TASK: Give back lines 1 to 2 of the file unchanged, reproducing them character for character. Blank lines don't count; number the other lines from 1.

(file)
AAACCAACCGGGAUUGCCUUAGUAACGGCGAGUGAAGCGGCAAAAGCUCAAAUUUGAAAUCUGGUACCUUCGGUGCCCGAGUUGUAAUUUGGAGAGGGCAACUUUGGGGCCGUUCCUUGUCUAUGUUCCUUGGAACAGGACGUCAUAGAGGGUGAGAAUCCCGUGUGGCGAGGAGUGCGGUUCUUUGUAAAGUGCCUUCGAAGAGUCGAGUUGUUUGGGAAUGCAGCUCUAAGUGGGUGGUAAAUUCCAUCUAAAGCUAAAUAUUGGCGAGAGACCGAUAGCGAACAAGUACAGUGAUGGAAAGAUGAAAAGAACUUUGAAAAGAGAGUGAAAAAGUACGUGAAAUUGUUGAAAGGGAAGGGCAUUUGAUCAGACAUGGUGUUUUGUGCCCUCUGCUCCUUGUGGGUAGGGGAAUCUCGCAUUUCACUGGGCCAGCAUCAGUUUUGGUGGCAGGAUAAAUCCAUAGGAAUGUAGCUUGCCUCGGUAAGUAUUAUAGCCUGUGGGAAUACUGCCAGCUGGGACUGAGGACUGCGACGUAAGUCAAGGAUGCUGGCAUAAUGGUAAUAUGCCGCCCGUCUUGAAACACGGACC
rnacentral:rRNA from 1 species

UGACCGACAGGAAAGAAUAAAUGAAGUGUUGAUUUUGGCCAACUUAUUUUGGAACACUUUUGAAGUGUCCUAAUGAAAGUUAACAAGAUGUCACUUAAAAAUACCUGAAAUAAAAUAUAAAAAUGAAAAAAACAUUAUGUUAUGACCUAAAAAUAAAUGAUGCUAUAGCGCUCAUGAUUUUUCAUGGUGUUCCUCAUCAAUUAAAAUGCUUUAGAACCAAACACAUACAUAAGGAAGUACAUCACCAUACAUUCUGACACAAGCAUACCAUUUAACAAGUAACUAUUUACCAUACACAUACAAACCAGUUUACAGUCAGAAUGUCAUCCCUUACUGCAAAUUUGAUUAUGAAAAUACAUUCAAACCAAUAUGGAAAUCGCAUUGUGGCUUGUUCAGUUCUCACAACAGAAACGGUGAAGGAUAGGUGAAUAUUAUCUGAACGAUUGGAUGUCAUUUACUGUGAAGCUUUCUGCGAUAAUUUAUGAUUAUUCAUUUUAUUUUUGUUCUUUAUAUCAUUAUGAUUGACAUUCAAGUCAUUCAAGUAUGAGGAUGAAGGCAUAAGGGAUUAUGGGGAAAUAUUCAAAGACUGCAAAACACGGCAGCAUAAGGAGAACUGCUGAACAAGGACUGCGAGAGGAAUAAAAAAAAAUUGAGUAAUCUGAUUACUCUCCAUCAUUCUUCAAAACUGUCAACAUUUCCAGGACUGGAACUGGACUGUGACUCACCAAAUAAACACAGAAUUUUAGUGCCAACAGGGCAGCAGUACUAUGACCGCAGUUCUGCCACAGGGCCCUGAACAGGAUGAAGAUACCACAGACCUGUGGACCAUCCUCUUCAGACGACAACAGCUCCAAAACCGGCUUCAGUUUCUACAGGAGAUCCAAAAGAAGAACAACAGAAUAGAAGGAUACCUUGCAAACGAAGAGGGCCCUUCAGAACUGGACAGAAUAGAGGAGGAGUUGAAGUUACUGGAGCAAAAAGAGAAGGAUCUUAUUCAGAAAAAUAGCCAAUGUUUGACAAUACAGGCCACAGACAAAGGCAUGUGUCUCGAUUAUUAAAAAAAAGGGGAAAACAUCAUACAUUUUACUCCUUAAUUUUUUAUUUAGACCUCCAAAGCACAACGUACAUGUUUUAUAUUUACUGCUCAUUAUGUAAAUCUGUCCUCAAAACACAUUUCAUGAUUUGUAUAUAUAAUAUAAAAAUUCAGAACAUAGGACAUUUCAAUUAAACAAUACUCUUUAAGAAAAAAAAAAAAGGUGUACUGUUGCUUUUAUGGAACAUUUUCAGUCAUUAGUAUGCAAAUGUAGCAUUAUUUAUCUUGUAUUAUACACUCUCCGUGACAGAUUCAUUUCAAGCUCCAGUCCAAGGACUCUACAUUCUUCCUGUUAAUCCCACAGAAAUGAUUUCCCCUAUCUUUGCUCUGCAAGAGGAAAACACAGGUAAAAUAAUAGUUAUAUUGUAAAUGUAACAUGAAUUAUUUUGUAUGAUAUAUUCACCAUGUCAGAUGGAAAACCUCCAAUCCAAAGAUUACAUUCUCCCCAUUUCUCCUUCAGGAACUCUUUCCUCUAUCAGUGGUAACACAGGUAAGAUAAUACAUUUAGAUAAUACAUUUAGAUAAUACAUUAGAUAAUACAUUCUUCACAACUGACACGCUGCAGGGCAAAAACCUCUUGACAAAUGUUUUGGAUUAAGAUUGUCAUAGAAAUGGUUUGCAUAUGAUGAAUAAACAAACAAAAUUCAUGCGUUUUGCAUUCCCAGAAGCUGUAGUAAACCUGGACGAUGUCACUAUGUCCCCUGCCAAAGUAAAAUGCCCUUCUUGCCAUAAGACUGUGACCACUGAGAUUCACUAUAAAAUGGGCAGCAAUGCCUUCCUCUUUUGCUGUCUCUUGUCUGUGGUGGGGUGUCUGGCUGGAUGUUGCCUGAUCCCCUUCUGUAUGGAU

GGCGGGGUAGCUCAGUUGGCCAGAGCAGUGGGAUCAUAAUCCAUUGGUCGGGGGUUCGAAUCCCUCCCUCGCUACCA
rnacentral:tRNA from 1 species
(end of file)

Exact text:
AAACCAACCGGGAUUGCCUUAGUAACGGCGAGUGAAGCGGCAAAAGCUCAAAUUUGAAAUCUGGUACCUUCGGUGCCCGAGUUGUAAUUUGGAGAGGGCAACUUUGGGGCCGUUCCUUGUCUAUGUUCCUUGGAACAGGACGUCAUAGAGGGUGAGAAUCCCGUGUGGCGAGGAGUGCGGUUCUUUGUAAAGUGCCUUCGAAGAGUCGAGUUGUUUGGGAAUGCAGCUCUAAGUGGGUGGUAAAUUCCAUCUAAAGCUAAAUAUUGGCGAGAGACCGAUAGCGAACAAGUACAGUGAUGGAAAGAUGAAAAGAACUUUGAAAAGAGAGUGAAAAAGUACGUGAAAUUGUUGAAAGGGAAGGGCAUUUGAUCAGACAUGGUGUUUUGUGCCCUCUGCUCCUUGUGGGUAGGGGAAUCUCGCAUUUCACUGGGCCAGCAUCAGUUUUGGUGGCAGGAUAAAUCCAUAGGAAUGUAGCUUGCCUCGGUAAGUAUUAUAGCCUGUGGGAAUACUGCCAGCUGGGACUGAGGACUGCGACGUAAGUCAAGGAUGCUGGCAUAAUGGUAAUAUGCCGCCCGUCUUGAAACACGGACC
rnacentral:rRNA from 1 species